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What Do You Need for High-Rel & Rad-Hard Applications? Part 3

In the previous part of this series, we were looking at the effects of irradiation on a power FET and noted how it can affect the gate-source turn-on threshold. See Figure 1 (repeated here from the previous part of this series):

Figure 1

Recombination of holes trapped in the gate oxide and electrons flowing inside the source-drain channel.

Recombination of holes trapped in the gate oxide and electrons flowing inside the source-drain channel.

Since irradiation can affect the gate threshold voltage, you should test the irradiated parts to see what their new gate threshold voltage is. See Figure 2.

Figure 2

The VGS(th) test for a MOSFET power switch.

The VGS(th) test for a MOSFET power switch.

The effect of radiations depends on the IC considered. For example, the failure mechanism of another type of power switch, the power bipolar junction transistor (BJT) due to the ionizing radiation effect is different respect the failure mechanism of the power MOSFET.

The basic principle of operation of the BJT power switch (for example here we deal a NPN transistor) is a controlled flow of current between the emitter to the collector through the base. Not all the electrons emitted from the emitter will reach the collector, due to a recombination in base. This recombination of electrons inside the base creates a leakage base current and the current gain of the transistor is defined as:

After irradiation of the BJT device has been performed, some e /p+ couples appear inside the oxide (see Figure 3). An additional parasitic current appears. It is due to the recombination of the additional charges. These are the electrons/holes present in a large number inside the emitter terminal and the base terminal (respectively):

Figure 3

Recombination of electrons and holes trapped in the oxide layer with holes and electrons respectively present in the base and the emitter of the BJT.

Recombination of electrons and holes trapped in the oxide layer with holes and electrons respectively present in the base and the emitter of the BJT.

This radiation effect makes, hence, the current gain decreasing:

This results in a new current gain value of the power BJT, so a DC current gain test is recommended, to monitor the effect of the radiation on the switch (see Figure 4):

Figure 4

The β test for a BJT power switch.

The β test for a BJT power switch.

Another power switch that is widely utilized in the integrated IC circuits, especially in power modules, is the power switch insulated gate bipolar transistor (IGBT). It can be considered a combination of a power BJT and a power MOSFET. To monitor the effect of the radiation on the switch, a DC current gain test and a threshold voltage test is recommended (again, see Figures 3 and 4, above).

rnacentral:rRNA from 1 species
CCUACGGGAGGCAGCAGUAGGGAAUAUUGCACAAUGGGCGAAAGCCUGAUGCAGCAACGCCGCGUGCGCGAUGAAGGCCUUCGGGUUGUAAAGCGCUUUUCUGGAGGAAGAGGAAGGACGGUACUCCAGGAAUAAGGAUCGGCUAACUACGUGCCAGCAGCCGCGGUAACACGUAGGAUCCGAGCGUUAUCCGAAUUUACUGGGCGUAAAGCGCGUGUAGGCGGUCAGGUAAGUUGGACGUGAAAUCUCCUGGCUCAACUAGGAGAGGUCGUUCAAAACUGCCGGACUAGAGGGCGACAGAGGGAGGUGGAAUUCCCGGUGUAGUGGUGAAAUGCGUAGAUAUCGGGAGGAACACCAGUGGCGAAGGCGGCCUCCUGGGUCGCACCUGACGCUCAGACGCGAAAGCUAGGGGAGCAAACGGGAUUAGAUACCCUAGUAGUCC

Did you experience anything like that? Do you think the test performed before and after irradiation, regarding all the electrical parameters that might be sensitive to the irradiation effects, is effective to check the robustness of the IC to the aerospace environment?

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7 comments on “What Do You Need for High-Rel & Rad-Hard Applications? Part 3

  1. etnapowers
    December 25, 2013

    Recently I have engineered an IGBT for a submarine application by utilizing a radiation hard package, this is a possible utilization of a qualified radiation hard product.

  2. etnapowers
    December 26, 2013

    The IGBT radiation hard qualified are utilized also for the implementation of power modules in automotive applications that requires a high robustness to temperature stresses, high switching frequency and current capability and an easy driving for the gate terminal ,the hermetic package fits very well for this type of application

  3. samicksha
    December 27, 2013

    If the circuit application applies a reverse voltage to the IGBT, an additional series diode must be used.

  4. etnapowers
    December 28, 2013

    Yes that's correct samicksha, it also depends on the reverse voltage stopping capability of the IGBT.

  5. etnapowers
    December 28, 2013

    Usually a parallel diode of freewheeling is required to dissipate the reverse current when the application requires an high current value to be conducted in a branch of a power module, being the IGBT reverse biased.

  6. etnapowers
    December 28, 2013

    When a freewheeling diode paralleled to the IGBT is required the diode has to be rad-hard qualified as well. This is not easy because many times the diode is not enough robust to radiation.

  7. Netcrawl
    December 30, 2013

    @etnapowers you're right, IGBT has also some advantages over Power MOSFET and BJT, IGBT has a superior current conduction capability and excellent forward and reverse blocking capabilities, plus it can easily controlled in high voltage and hig current applications.

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